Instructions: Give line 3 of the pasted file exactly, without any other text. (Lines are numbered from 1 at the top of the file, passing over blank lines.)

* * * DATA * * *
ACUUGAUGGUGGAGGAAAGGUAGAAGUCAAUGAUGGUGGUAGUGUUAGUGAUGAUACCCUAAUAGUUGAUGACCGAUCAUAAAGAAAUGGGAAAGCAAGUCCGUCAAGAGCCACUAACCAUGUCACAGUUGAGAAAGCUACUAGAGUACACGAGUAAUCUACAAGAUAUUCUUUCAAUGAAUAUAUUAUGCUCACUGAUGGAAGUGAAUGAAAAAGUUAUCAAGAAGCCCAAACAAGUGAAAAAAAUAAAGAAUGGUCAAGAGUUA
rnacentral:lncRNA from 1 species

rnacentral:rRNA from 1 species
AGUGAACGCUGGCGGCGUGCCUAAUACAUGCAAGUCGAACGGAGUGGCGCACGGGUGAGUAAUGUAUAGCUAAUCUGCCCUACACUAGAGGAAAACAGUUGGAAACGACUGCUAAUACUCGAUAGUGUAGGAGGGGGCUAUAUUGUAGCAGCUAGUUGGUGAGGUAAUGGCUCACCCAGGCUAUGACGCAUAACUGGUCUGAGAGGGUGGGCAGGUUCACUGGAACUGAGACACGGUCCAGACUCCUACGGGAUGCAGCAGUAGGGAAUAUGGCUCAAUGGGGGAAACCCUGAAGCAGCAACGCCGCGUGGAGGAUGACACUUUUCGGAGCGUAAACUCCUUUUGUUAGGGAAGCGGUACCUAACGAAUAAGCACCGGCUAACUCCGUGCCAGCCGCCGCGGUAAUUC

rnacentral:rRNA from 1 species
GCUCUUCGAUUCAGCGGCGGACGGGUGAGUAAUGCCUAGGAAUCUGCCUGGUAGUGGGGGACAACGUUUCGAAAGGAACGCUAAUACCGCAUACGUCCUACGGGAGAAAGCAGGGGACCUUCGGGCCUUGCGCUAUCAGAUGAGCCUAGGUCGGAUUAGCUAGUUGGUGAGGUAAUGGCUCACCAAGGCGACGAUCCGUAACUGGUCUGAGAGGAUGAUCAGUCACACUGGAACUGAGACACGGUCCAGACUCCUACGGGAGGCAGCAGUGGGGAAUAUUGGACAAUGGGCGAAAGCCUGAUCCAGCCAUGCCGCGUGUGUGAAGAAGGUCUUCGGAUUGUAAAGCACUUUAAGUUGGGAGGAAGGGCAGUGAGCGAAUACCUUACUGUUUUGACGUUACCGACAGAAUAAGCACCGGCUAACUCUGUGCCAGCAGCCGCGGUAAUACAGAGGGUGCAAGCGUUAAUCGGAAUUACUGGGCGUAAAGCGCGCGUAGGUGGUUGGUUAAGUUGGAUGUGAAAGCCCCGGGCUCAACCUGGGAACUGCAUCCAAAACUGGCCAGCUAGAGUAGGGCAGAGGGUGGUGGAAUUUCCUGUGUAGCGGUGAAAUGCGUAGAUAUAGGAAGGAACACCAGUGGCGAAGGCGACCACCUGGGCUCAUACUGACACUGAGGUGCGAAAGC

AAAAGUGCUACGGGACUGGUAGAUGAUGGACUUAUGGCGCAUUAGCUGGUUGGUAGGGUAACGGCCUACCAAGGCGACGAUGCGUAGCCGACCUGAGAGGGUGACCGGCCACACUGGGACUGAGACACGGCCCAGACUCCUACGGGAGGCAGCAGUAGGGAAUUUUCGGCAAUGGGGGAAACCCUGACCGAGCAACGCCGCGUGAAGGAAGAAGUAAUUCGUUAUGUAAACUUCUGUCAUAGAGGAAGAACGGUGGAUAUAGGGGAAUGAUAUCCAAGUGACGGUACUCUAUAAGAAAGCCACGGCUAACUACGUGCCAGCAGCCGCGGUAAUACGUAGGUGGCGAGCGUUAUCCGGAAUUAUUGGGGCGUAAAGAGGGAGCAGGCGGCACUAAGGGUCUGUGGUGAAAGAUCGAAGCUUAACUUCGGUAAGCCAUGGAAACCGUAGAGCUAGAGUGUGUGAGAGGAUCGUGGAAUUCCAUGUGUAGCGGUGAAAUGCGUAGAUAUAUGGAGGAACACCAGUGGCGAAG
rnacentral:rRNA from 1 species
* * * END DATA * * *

rnacentral:rRNA from 1 species